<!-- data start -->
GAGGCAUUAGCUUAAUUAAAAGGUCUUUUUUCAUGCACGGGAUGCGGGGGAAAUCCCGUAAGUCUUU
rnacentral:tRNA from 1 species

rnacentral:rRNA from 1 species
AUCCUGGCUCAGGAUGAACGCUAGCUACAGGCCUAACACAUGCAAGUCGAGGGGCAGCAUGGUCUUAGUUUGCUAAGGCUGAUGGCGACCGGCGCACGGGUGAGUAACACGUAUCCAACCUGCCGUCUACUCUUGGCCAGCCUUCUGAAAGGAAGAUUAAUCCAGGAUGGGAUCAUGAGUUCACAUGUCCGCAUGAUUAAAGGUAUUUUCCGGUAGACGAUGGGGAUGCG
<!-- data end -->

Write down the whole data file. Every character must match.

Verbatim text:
GAGGCAUUAGCUUAAUUAAAAGGUCUUUUUUCAUGCACGGGAUGCGGGGGAAAUCCCGUAAGUCUUU
rnacentral:tRNA from 1 species

rnacentral:rRNA from 1 species
AUCCUGGCUCAGGAUGAACGCUAGCUACAGGCCUAACACAUGCAAGUCGAGGGGCAGCAUGGUCUUAGUUUGCUAAGGCUGAUGGCGACCGGCGCACGGGUGAGUAACACGUAUCCAACCUGCCGUCUACUCUUGGCCAGCCUUCUGAAAGGAAGAUUAAUCCAGGAUGGGAUCAUGAGUUCACAUGUCCGCAUGAUUAAAGGUAUUUUCCGGUAGACGAUGGGGAUGCG